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President Uhuru Kenyatta will today lead the country in marking the 57th Madaraka Day from State House, Nairobi, due to a ban on public gatherings to contain the spread of coronavirus.

It will be the first time the country is marking a national holiday virtually devoid of the pomp and colour that characterise national celebrations to remind the public of the struggles the country went through to attain independence.

Traditionally, the day is marked with open celebrations in packed stadia with military parades, entertainment, song and dance. The highlight of the celebrations is usually the presidential address to the nation.

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As a public holiday, it would have been a time for merry-making for some families and a time to reflect on the achievements since June 1, 1963 when founding President Jomo Kenyatta became the first prime minister.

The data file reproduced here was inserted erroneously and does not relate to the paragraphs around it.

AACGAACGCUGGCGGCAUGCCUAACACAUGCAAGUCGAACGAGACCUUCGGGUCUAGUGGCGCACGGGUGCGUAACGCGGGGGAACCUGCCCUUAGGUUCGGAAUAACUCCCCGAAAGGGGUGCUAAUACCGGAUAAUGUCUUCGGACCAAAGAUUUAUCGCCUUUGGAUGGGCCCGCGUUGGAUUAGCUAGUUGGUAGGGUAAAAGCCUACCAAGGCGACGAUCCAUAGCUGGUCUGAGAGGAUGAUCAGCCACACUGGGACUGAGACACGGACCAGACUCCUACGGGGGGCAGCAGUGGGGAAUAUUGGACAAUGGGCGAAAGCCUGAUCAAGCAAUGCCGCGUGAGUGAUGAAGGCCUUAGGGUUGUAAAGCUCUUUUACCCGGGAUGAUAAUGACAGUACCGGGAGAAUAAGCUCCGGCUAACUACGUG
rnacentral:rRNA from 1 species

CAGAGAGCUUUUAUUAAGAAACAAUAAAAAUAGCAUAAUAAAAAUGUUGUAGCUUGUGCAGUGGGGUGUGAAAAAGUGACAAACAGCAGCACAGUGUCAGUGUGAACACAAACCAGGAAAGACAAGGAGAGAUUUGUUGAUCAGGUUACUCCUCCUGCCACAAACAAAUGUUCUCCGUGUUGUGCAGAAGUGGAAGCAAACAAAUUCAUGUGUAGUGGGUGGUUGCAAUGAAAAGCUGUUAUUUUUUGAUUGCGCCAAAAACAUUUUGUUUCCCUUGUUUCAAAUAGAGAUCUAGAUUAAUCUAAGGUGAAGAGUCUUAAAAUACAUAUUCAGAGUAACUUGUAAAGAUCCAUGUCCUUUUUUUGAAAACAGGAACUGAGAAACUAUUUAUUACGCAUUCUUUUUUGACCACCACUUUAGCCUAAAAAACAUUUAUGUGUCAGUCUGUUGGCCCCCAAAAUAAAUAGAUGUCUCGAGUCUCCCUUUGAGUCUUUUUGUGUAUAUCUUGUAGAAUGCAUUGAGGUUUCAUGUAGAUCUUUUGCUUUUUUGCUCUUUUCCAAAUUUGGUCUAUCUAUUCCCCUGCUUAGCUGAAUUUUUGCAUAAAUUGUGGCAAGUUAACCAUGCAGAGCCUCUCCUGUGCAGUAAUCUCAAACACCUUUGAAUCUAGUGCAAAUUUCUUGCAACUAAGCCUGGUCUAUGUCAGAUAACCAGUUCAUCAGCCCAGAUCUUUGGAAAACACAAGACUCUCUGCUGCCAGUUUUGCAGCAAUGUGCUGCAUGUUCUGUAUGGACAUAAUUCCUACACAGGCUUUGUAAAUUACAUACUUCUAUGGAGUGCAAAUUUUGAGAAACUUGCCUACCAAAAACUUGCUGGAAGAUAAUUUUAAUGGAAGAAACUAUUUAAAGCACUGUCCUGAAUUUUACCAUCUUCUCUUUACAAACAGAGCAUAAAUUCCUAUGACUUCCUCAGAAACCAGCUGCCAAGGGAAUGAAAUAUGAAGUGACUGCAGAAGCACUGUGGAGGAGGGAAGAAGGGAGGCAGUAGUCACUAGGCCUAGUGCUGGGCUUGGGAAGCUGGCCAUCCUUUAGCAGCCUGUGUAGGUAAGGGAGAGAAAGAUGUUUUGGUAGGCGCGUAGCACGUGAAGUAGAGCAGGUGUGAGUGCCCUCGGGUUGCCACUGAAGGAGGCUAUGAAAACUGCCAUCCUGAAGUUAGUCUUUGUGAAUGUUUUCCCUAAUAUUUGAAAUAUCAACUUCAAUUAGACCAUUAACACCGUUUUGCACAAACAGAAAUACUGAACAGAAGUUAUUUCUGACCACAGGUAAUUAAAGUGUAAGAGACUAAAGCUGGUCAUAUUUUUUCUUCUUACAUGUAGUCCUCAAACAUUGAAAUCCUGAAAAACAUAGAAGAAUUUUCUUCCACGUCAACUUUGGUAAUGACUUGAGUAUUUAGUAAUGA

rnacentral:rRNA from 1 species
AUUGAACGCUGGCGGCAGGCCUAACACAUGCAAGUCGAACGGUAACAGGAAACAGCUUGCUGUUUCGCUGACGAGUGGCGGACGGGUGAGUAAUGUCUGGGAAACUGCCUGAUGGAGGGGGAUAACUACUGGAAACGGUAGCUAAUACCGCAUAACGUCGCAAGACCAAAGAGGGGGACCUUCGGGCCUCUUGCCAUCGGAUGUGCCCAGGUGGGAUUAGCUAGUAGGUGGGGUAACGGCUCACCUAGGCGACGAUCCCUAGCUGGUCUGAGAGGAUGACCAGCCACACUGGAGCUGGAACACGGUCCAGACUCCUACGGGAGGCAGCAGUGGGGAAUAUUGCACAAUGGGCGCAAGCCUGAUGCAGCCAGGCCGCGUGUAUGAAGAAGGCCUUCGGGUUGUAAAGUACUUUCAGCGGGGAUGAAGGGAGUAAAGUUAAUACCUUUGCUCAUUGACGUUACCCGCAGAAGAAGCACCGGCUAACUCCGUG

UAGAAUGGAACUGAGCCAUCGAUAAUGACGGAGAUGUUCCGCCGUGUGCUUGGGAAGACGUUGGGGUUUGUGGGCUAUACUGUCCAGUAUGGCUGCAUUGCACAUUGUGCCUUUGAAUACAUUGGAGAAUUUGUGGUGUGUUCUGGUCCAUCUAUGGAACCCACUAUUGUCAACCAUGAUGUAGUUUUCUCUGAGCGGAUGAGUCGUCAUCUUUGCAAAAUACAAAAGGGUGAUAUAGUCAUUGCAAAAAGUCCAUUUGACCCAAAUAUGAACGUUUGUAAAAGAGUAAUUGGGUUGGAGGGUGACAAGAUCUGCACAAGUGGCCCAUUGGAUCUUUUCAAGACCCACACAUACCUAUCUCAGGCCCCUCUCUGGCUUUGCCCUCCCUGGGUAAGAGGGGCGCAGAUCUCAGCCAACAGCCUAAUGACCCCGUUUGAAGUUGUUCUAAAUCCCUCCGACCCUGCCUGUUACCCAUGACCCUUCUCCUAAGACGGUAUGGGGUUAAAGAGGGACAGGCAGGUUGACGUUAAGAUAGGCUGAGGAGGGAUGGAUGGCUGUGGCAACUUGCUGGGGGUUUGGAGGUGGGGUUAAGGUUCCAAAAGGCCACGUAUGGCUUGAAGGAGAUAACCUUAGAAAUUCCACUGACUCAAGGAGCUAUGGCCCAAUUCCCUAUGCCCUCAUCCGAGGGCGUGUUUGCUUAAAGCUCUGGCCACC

Madaraka enthusiasts

With Covid-19, everything has changed. Enthusiasts of Madaraka Day, who always look forward to the celebrations, will be forced to remain indoors, with no guests and only family members to watch the live proceedings.

Even traders who make a killing during the day selling special commemorative artefacts to hundreds of people thronging celebration venues will count losses due to the ban on gatherings.

President Kenyatta in 2015 changed the format of celebrating the three national holidays - Madaraka Day, Mashujaa Day and Jamhuri Day - and ordered that the events be hosted on a rotational basis by counties outside Nairobi.

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Kisii County would have today witnessed the joy of Madaraka Day with special goodies that accompany hosting the country’s top leadership.

But as fate would have it, due to the ravaging Covid-19 pandemic that has restricted movement and gatherings, the county has missed the opportunity.

Covid 19 Time Series

 


Covid-19 President Uhuru Kenyatta Madaraka Day
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